Part of the budget will be likely raised from the World Bank, IMF, BRICS Bank, and ADB, all of which have a poor reputation for borrower-lender relationships, which prejudice borrowers. The loan conditions need monitoring, for which state and corporates cannot be relied upon because the state, corporates, IMF, and WB had colluded to asphyxiate RDP, with consequential systemic and structural Black social misery.
What the Black poor need is not for the state ‘to balance’ the competing and contradictory interests of big business and the Black poor. The ANC government as managers of the state with executive powers, based on the voting power of the Black masses, must incline expenditures towards the poor, unapologetically.
For the first time in the short history of the ANC government, it is budgeting for the homeless who before the 2010 FIFA World Cup were shunted out of public view.
The homeless and the unemployed amongst the Black poor are the biggest victims of human indignity. Should the budget be lopsided in favour of big business this indignity will increase and the class struggle will intensify.
The state will deploy extra 73180 soldiers to augment the present 2280 exhausted soldiers until June (R5-bn). Military tactics will dominate persuasive tactics. The soldiers will enforce laws, screen people, set up field hospitals, deliver water to communities, and quarantine civilians.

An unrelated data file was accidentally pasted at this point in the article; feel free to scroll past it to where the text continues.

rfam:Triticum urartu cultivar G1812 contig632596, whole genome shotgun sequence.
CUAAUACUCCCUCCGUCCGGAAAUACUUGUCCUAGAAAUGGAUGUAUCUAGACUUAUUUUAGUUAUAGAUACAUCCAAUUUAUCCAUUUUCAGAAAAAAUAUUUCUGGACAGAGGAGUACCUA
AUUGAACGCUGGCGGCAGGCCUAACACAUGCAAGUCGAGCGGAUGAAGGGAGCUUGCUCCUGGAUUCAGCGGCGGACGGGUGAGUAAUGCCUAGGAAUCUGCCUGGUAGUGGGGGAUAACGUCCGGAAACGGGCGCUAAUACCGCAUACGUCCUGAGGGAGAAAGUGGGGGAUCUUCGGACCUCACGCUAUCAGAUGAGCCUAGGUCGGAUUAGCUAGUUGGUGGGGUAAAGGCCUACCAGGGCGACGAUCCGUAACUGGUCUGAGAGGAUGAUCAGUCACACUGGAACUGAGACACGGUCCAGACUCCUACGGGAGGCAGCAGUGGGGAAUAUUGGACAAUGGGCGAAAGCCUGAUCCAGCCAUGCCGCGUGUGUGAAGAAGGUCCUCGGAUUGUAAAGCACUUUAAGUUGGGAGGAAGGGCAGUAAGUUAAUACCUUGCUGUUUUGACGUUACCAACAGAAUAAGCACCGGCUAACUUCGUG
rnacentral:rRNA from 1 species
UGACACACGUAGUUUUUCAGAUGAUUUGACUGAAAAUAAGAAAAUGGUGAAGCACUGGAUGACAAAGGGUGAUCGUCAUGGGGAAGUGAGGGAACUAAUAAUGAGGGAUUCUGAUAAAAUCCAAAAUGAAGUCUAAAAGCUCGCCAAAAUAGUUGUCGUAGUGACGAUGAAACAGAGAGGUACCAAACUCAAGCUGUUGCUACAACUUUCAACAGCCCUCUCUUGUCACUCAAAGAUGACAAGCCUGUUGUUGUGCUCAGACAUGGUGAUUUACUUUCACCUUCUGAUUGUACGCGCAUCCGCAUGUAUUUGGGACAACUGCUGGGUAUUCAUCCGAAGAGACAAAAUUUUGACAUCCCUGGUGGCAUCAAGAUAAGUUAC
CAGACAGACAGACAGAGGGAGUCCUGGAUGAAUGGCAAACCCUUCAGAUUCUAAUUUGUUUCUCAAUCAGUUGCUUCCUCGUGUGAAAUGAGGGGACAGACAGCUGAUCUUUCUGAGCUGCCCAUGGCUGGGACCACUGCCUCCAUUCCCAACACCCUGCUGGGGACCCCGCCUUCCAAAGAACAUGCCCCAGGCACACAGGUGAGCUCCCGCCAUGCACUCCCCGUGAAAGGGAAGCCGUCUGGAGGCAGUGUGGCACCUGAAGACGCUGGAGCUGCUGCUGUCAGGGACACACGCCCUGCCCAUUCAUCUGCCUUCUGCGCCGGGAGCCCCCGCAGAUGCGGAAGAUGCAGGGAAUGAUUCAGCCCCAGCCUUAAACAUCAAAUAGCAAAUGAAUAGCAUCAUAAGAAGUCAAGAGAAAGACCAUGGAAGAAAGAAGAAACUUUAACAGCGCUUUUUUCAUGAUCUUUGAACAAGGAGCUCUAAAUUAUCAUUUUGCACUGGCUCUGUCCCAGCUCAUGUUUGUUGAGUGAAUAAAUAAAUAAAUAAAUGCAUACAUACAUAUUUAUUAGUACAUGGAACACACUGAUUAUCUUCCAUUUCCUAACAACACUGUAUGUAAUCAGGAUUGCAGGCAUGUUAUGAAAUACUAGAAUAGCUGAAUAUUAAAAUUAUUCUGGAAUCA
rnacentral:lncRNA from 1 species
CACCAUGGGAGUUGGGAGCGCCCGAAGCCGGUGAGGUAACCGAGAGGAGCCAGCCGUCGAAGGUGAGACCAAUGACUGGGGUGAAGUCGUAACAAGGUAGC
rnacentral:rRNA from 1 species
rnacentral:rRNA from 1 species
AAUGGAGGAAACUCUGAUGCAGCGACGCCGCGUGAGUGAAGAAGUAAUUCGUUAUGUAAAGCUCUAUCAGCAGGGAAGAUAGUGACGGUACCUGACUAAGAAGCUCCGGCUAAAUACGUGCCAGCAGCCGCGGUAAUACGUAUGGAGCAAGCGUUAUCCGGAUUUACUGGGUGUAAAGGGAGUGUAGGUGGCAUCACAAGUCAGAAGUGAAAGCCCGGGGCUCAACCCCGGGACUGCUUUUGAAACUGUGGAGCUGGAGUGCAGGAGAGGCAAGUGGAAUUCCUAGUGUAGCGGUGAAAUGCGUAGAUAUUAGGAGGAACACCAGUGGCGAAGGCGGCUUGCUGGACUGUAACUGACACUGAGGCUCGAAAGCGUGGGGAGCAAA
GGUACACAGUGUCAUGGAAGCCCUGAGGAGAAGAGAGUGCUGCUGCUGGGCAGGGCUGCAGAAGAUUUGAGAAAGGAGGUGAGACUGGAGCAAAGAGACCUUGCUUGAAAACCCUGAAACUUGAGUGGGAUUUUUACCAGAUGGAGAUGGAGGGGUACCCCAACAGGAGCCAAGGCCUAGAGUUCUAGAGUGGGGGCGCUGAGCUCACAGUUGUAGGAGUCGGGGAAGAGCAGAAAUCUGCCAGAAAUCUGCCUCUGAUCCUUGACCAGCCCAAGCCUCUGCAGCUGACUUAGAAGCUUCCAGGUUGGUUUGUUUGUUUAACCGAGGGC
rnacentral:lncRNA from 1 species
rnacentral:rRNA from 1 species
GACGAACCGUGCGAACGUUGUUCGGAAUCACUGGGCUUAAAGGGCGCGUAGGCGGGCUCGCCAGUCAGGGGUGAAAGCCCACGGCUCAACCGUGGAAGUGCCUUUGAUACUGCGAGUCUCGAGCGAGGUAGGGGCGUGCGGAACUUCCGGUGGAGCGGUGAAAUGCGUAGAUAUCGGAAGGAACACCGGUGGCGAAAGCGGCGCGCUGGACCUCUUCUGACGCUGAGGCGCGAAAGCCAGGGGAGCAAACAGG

The R5bn includes setting up fully equipped temporary military field hospitals, which will be converted to permanent structures. The soldiers working under science-led civilian command should exercise great restraint in the use of force and use respectful persuasion and dialogue to maintain the cooperation and human dignity of citizens.
The trans-disciplinary Cuban Medical Brigade of 217 professionals will help in the proactive aspects of work and transfer expertise in the planning, execution, and management of the clinical cases and public health response. Hopefully, help reverse the upward curve to a downward one. Thirty Cubans will be assigned to the army and the rest to the health department.
The Cuban Ministry of Health’s list has twenty-two medicines to be used for the treatment of Covid-19. They do not prevent or cure the infection but stimulate the immune system, improve response to viruses, and reduce complications. They do help with death reduction. The anti-viral drug, Interferon Alpha 2b, mimic a family of immune proteins called interferons, which fight off infections by alerting the nearby cells to heighten their anti-viral defences. This prevents their spread through viral replication in host cells.
Even when the pandemic ends it will scale down to an endemic in certain places.
WHO director general Tedros Ghebreyesus has observed, “The amazing spirit of human solidarity must become even more infectious than the coronavirus itself.”
The invisible coronavirus invasion and colonization of all human societies presents the state with a historic opportunity to revert to the RDP model of Keynesian economics with a revived RDP social compact to correct the lop-sided national economy, led by the state.
The international debate is on whether it should be the Marshall Plan or Marshall Fund or both or neither.
* Aziz is an author and journalist.
By Haroon Aziz